Brighten up your porch or walkway with a winter craft project for the whole family. When the temperature is freezing, it's ice candle season. By using a plastic bucket as a mold, you can create a large candleholder made of ice. After the ice freezes, place a candle inside and light it to give the whole block of ice a magical glow. Make multiple ice candles, and the dreary weather won't seem so bad when your yard is a winter wonderland.
Things You'll Need
- Plastic Bucket
- Duct Tape
- Food Coloring (Optional)
- Tea Light Or Pillar Candle
- Long Match Or Lighter
- Large Yogurt Container Or Plastic Cup
Fill a plastic bucket with water, stopping 1 inch from the top. For colored ice candles, add as much food coloring to the water as you like. A few drops will make a light-colored candle; a spoonful adds a deeper hue.
Fold up a blanket to insulate the bottom of the bucket. Set the bucket outdoors on top of the blanket.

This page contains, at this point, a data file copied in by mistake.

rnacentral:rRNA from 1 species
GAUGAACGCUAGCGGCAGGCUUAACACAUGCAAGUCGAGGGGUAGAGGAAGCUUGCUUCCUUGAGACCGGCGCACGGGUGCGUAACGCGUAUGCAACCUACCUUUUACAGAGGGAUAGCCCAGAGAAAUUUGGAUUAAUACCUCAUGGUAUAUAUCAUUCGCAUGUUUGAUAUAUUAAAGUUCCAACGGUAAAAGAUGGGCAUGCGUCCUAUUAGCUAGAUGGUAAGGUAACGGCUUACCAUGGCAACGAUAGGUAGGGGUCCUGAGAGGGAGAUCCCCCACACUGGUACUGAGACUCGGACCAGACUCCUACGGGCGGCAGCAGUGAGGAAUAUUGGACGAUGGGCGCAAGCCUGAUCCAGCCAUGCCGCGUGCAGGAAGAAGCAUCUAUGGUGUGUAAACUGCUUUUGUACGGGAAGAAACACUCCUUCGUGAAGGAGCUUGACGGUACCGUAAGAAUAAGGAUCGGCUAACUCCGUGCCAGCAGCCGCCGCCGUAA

Lay the yardstick flat across the top of the yogurt container. Tape the container to the yardstick by running a piece of duct tape across the yardstick, down one side of the container, across the bottom, and up the other side. Tear the tape and overlap the pieces on top slightly to secure them.
Lay the yardstick across the bucket so the yogurt container is in the center of the water. This will form the hole into which you place the candle.
Allow the ice to freeze overnight or until solid.
Fill the yogurt container with hot water until the ice around it melts enough to remove it. Remove the container and yardstick, leaving a hole in the ice.
Turn the bucket over to remove the ice. If necessary, pour a bit of hot water over the bucket to loosen the ice on the sides of the bucket.
Turn the block of ice right-side up so the hole from the yogurt container is on top. Place a tea light or pillar candle in the hole; light the candle with a long match or lighter; and watch the ice glow.
S.R. Becker is a certified yoga teacher based in Queens, N.Y. She has a Master of Fine Arts in creative writing and has worked as a writer and editor for more than 15 years. Becker often writes for "Yoga in Astoria," a newsletter about studios throughout New York City.